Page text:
DM Equities

In the US market, the market focus is on companies’ forward earnings guidance. A stronger outlook on top-line growth, along with stillmanageable wage inflation, would suggest that the trajectory of profit margins is likely to reverse quickly. Yet, as the economic outlook and Fed policy remain areas of uncertainty, we expect a possible rise in volatility and markets to become more selective. The upside could continue, but will likely not affect the overall market. In this phase we focus on avoiding the overvalued areas of consumer staples and utilities, while exploring tech growth opportunities. In Europe, valuations have reset after the rally and are now in line with historical averages. Yet positioning in Europe is very light, and could improve in case of further earnings delivery and/or the resolution of political risks. Our preference is for cyclicals vs. the defensive sector and for industrials within the cyclical space. We recommend a neutral to cautious approach in Japan, being aware that more attractive valuations come at the risk of a strengthening Yen in case of possible volatility bouts linked to negative surprises on the tariff front.

EM Equities

The macro and fundamental backdrop remains reasonably supportive for EM equities. In addition, the trade tensions relief and the more dovish central banks’ tone have helped to foster risk sentiment. EM equities valuations also look relatively attractive vs. DM equities. We remain broadly positive on China in the expectation of a proper trade deal with the US, which is not yet fully priced in, and Chinese stimulus measures that have yet to kick in completely. We are also moderately positive on Russia given attractive valuations. More uncertainty is instead rising on the European side, which is becoming the new front of the US trade confrontation.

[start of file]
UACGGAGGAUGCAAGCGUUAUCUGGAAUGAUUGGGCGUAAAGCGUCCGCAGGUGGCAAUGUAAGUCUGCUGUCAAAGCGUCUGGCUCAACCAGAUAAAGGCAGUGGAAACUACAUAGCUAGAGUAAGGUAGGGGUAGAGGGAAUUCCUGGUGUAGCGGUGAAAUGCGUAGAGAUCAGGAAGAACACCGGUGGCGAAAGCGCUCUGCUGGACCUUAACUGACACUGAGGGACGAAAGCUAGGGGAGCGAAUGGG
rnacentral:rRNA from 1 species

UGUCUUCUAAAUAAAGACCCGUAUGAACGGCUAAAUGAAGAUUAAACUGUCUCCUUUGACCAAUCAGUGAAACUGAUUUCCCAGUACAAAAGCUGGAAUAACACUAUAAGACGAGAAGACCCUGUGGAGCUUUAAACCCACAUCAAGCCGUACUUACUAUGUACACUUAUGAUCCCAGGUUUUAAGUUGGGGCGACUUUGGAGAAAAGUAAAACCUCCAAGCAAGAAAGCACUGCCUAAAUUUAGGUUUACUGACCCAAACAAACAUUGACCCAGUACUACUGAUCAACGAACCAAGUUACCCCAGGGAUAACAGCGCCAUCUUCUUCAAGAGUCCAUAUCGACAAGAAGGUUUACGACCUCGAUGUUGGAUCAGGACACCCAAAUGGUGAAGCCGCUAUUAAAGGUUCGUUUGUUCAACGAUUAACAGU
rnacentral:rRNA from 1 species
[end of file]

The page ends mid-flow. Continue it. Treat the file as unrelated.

Important Information

Unless otherwise stated, all information contained in this document is from Amundi Pioneer Asset Management (“Amundi Pioneer”) and is as of April 19, 2019.

The views expressed regarding market and economic trends are those of the authors and not necessarily Amundi Pioneer, and are subject to change at any time. These views should not be relied upon as investment advice, as securities recommendations, or as an indication of trading on behalf of any Amundi Pioneer product. There is no guarantee that market forecasts discussed will be realized or that these trends will continue. These views are subject to change at any time based on market and other conditions and there can be no assurances that countries, markets or sectors will perform as expected. Investments involve certain risks, including political and currency risks. Investment return and principal value may go down as well as up and could result in the loss of all capital invested.
This material does not constitute an offer to buy or a solicitation to sell any units of any investment fund or any service.

Date of First Use: April 23, 2019.